SPINNING THE PLATES
How are low and moderate income households coping with financial uncertainty?
Spinning the Plates is a Brotherhood of St Laurence study into understanding how low and moderate income Australian households are coping with financial uncertainty.
Many Australians today working casually or on contract have to cope with the fact that their wage one week may be higher or lower than their wage the next week. Some may also have to deal with problems to their Centrelink payments due to their work or a range of other issues.
International research shows that people with volatile incomes face increased financial risks making ends meet. Yet little is known in Australia about how much household incomes vary from payday to payday, how many households are affected, what types of financial 'juggling' households do, or how they find coping with this problem.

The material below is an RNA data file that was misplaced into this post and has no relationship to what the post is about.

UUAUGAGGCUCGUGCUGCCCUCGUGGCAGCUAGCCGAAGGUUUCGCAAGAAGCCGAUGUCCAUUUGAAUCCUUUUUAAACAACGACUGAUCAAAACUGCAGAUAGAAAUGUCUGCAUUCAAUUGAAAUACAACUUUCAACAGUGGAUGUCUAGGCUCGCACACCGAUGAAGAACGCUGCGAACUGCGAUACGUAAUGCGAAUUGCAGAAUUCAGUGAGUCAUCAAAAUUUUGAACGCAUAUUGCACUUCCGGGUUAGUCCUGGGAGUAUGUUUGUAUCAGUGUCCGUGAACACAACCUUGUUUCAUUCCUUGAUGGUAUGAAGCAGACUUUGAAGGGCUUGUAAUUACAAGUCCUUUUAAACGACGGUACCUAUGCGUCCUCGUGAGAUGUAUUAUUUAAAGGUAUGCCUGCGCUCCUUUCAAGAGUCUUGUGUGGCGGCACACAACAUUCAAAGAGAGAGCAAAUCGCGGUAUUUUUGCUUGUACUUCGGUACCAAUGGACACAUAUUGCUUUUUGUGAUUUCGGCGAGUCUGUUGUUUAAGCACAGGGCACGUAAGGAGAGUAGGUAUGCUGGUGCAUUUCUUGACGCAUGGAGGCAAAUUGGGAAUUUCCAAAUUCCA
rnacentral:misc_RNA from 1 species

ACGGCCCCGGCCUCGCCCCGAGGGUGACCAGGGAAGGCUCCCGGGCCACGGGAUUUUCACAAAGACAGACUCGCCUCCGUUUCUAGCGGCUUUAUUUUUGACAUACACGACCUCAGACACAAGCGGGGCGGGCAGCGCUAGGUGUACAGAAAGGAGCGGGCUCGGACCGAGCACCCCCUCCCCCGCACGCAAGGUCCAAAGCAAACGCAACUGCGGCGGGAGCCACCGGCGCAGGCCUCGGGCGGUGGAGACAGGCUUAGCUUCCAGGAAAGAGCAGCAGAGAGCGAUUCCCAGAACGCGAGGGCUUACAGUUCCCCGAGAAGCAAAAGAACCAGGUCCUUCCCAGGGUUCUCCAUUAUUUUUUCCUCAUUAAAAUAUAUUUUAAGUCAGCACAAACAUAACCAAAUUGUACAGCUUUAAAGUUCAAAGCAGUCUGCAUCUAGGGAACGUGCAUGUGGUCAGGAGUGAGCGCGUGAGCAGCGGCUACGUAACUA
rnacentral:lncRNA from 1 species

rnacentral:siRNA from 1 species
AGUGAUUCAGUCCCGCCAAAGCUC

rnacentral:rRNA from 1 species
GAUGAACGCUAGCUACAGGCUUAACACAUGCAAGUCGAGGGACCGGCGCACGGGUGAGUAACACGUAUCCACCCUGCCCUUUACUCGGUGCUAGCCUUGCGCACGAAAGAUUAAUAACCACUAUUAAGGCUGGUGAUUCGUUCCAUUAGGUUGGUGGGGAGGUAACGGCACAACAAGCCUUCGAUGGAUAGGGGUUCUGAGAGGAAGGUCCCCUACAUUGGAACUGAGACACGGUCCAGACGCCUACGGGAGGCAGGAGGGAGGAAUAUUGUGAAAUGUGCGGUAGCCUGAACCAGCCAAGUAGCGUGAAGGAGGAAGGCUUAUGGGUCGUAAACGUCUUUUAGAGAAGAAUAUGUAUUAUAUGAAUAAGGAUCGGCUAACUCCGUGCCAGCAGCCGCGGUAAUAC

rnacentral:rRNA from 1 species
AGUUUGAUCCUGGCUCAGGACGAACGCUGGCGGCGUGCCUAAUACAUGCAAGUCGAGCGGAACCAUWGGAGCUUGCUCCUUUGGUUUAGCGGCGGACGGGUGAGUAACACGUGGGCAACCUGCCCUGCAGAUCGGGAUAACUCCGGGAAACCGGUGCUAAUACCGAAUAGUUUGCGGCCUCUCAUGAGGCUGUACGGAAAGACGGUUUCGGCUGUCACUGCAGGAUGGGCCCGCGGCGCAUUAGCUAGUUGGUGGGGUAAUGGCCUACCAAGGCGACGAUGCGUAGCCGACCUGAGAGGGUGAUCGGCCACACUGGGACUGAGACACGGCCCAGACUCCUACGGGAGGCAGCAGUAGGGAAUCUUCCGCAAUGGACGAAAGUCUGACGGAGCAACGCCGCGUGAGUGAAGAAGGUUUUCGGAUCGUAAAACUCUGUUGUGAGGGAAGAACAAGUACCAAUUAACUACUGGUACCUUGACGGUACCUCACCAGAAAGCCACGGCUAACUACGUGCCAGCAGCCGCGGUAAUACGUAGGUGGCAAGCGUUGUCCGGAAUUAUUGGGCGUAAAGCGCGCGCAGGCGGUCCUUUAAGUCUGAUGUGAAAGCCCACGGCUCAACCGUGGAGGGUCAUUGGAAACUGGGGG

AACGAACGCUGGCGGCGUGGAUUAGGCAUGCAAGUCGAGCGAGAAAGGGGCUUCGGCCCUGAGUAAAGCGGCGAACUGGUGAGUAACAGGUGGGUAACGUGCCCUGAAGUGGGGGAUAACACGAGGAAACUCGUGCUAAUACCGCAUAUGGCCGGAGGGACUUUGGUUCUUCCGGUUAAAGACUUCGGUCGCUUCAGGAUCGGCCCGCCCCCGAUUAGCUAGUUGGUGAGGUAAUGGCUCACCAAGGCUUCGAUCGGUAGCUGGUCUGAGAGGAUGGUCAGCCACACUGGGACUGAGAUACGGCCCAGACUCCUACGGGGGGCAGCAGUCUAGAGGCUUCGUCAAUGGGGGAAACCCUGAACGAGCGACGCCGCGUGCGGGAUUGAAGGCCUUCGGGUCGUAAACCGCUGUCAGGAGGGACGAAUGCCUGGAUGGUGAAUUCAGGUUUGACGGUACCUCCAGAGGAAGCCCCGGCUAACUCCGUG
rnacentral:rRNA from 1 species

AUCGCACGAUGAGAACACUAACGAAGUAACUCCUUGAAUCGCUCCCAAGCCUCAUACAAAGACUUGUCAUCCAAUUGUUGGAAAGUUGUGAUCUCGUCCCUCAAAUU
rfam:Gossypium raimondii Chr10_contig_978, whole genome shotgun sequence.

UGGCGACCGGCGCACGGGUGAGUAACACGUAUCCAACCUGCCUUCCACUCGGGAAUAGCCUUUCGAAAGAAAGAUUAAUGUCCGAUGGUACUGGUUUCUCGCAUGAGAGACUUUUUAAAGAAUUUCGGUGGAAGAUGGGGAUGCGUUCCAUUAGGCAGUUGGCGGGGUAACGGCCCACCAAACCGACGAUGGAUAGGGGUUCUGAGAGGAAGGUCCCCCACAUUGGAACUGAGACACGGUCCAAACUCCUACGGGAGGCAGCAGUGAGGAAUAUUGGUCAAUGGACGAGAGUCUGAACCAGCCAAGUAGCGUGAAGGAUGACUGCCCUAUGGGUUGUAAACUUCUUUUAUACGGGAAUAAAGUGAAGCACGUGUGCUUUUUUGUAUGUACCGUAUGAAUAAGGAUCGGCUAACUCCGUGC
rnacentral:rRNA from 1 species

A major aim of this important study is to provide evidence for organisations like the Brotherhood of St Laurence to better advocate on behalf of people with low and fluctuating incomes.
What is the project about?
The aims of the project are to:
- better understand how household incomes may change from one pay period to the next, and
- find out how households manage their finances to cope with changes in their fortnightly income or an unexpected expense (for example, through relying on savings, borrowing from a family member or taking out a small loan).
An area of special interest is understanding why people with variable incomes do or do not take out insurance.
Marcus Banks and Dina Bowman 2017, Juggling risks: insurance in households struggling with financial insecurity (PDF, 1.1 MB)
Dina Bowman and Marcus Banks 2017, 'People on low incomes are sacrificing basic goods to take out insurance' in The Conversation, 21 December.
Dr Marcus Banks
Senior Research Fellow
Principal Research Fellow
(03) 9483 1373